Al Green’s album Let’s Stay Together is celebrating its 45th anniversary this year, and we’re taking a look into the songs that shot him to fame and into the Rock and Roll Hall of Fame. The smooth toned soul singer became popular in the early 1970’s, but achieved only moderate success with his earlier album Al Green Gets Next to You. From the ‘70s onward, he continued to produce music that lived up to Let’s Stay Together, and soon became deeper invested in his faith and turned to gospel. Throughout his career, he carried on the legacy created by Let’s Stay Together.
Green penned almost every single song on to the album, with the exception of a couple collaborations. A recurring theme is love, and there isn’t one instance where he sings about something other than his feelings for a girl. Many may think “Let’s Stay Together” shouldn’t be representative of Green’s entire career; it was a pop influenced song, where he is heavily a soul artist and should not be discredited otherwise. However, the genius of this song should not be missed out on. The lyrics of the song are recognizable anywhere, with “Lovin’ you whether, whether/Times are good or bad, happy or sad”. Though simple words, their meaning is uncomplicated just as he presents love as uncomplicated. He tends to be very black or white and blunt with his wording, making up for any intricacy in vocals or instrumentals.
“La La For You” is another song worth mentioning from the album. Horns are an especially important contribution to this song specifically, contributing to the intro and recognizable theme. It’s reminiscent of soul from the 1970’s and you can almost imagine it being performed on Soul Train. Continually upbeat throughout, it is a rarity as many of the songs tend to go at a slower pace. It attempts to get the album up and running, but luckily it does not have to be in there to give diversity; every track has a different tune, unlike many artists whose songs can sound like one sound over and over again. You won’t be asking if it had changed to a new song when taking a listen.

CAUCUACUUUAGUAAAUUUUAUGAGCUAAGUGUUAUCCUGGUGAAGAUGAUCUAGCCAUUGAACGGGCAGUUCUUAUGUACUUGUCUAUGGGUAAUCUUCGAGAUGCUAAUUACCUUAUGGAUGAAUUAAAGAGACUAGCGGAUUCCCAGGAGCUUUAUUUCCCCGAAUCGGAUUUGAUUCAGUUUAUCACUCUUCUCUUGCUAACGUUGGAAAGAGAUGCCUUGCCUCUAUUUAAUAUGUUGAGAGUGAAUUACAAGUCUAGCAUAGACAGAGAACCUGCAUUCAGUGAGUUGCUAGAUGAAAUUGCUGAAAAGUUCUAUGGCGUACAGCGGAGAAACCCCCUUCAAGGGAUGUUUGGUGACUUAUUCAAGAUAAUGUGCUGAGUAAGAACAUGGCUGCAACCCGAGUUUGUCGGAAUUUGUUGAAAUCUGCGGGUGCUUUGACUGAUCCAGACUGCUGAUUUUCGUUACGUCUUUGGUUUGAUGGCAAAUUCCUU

One surprising twist as you continue to listen on further is a cover of the Bee Gee’s song “How Can You Mend a Broken Heart.” If you’re familiar with the original, it is significantly different in certain aspects. Guitar is still used, but in a different sense. Orchestral portions are brought out and the tempo is slowed, to give it a sultry and soft sense. Green’s vocals push it over the top, to a place I didn’t think it could be taken, where the cover can be better than the original. He puts you in the story, as if you were the one in the relationship with “I can still feel the breeze that rustles through the trees/And misty memories of days gone by.” It makes you yearn and want to comfort Green as he croons. By taking an original song and adding his own voice, not only does he add significance to the original, but shows his skills at finding his own voice and pinpointing his style.
If you only were able to listen to one album of Al Green’s, this would be the one to do so. There is a taste of pop in “Let’s Stay Together” and classic R&B in the rest of the songs on the album. It’s worth venturing a listen to and getting out of your comfort zone in your music taste.